Numbers carry sacred and mystical meanings in Jewish tradition. The number 40, with its ancient watery connotations, is a central symbol of sin and repentance in Jewish thought.
This is a disclaimer to acknowledge that I know nothing about the mystical and to openly admit that, while a healthy amount of curiosity is admirable, I am not inclined to learn more about any of it.
It is often said, and many people believe, that if it rains on Shavuos, 40 days and nights of rain will follow. But what “is said” is not always true. Hopefully, that belief is false and it won’t happen. True, an adequate rainfall is important. We say prayers for geshem (rain). Rain is good for our lawns and for our flowers, but it is positively essential to the farming industry and for cattle. An insufficient amount of the wet stuff can lead to drought and even starving. But a full week of rain is enough for most people.
Currently, we are on day three of heavy-duty rain. And just a few days ago, on Tuesday evening of this week, we were treated to a horrendous and somewhat frightening storm. The skies opened up, as they say, and the downpour was accompanied by thunder, lightning, and even hail. Unhappily, the promise of the weather forecasters is that there will be three days more of rain. It’s reminiscent of monsoon season.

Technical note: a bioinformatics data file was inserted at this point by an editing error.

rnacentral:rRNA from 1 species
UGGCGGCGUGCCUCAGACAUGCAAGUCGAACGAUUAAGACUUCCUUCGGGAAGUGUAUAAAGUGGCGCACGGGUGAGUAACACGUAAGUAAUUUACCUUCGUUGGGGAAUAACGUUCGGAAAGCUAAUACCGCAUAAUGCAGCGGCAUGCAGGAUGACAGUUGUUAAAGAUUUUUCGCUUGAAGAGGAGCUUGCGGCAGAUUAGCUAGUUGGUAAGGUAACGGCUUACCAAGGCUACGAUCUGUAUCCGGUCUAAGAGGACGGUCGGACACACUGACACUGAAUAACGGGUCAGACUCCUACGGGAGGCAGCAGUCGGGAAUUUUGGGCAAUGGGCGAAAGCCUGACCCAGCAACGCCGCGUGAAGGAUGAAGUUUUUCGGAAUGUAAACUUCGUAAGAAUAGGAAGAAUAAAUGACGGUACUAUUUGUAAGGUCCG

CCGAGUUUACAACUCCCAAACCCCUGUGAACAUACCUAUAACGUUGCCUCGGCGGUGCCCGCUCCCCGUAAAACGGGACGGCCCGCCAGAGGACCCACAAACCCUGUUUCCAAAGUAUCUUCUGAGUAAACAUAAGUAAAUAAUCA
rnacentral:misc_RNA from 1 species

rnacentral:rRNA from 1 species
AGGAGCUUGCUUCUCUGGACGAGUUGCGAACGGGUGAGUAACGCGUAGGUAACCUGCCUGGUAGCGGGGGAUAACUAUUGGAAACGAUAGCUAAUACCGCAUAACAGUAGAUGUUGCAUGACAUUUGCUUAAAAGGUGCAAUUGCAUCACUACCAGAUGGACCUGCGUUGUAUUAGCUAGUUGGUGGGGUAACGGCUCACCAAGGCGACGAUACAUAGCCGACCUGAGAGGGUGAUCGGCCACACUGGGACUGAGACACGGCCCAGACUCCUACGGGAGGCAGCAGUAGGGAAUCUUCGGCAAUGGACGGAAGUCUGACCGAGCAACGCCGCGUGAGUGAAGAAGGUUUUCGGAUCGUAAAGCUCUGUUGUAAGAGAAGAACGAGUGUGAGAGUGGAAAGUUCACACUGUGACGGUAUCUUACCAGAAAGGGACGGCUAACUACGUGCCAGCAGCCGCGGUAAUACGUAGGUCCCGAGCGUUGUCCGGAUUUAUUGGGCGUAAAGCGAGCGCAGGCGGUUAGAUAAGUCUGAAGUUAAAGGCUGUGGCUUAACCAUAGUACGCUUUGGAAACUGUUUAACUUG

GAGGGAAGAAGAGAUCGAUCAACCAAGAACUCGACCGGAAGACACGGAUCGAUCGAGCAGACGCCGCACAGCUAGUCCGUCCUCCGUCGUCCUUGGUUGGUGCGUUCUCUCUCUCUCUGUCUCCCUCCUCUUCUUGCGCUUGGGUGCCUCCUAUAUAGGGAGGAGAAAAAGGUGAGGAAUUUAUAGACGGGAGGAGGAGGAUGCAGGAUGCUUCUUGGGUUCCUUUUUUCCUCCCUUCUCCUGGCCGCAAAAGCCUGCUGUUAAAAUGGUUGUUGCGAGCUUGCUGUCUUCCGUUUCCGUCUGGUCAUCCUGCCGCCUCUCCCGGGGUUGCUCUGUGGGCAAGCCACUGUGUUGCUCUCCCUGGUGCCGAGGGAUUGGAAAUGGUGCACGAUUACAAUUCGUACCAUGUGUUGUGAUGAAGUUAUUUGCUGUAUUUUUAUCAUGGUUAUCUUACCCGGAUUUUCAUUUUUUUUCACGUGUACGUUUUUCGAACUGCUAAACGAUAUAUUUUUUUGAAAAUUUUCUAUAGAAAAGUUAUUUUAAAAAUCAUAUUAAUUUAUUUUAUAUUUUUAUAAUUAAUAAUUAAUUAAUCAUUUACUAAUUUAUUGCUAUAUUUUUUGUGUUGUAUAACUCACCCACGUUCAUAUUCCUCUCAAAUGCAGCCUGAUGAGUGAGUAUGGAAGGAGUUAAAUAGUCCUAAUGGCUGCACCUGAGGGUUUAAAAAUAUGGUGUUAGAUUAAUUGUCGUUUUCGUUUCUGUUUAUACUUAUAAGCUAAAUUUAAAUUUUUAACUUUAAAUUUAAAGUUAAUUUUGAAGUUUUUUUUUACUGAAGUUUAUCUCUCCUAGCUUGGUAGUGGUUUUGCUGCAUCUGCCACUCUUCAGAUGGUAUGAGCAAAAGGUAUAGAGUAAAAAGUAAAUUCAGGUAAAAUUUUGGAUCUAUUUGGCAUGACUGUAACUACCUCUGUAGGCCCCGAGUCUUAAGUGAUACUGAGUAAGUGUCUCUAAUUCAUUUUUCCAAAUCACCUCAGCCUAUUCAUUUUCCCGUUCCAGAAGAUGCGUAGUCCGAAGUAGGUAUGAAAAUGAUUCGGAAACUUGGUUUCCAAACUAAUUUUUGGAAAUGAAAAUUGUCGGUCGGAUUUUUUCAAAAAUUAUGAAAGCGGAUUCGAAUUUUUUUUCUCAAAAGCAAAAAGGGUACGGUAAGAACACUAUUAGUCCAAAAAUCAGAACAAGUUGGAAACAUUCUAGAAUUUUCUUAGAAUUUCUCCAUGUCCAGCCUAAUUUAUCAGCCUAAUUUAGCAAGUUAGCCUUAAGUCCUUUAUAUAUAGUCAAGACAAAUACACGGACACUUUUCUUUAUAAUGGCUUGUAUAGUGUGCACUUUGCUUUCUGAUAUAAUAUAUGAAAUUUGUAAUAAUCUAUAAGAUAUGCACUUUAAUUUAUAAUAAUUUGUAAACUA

Chances are that in past years there have been Shavuos holidays when it has rained. But things seem to be getting out of hand. Perhaps the farmers see it differently, but for the rest of us there are limits as to how many more rainy days we can handle. As of today, which is just before the Shabbos that is immediately followed by Shavuos (known by most of us as the dreaded three-day yom tov), we are not looking forward to a rainy mess.
Walking to shul is likely to be an uncomfortable trek. Once inside the building, things are probably going to be messy. Wet boots will make the floor slippery, and dripping rain coats will add to that. This relates only to the condition of the shul’s building. But it doesn’t address the big issue, especially where the women and children are concerned, of feeling uncomfortably damp and chilled. The prospect of all that is daunting, but it doesn’t compare to the prospect of 40 more days of the wet stuff.
I have tweaked my prayers, and they’re different from the standard prayer for rain. I prayed for the rain to take a break until after Shavuos. As my mother taught me at an early age, “Rain, rain, go away, come again another day.” That’s what I want, and my suspicion is that others feel the same way. That’s the way it is!
Hannah Berman lives in Woodmere and gives private small-group lessons in mah-jongg and canasta. She can be reached at Savtahannah@aol.com or 516-295-4435.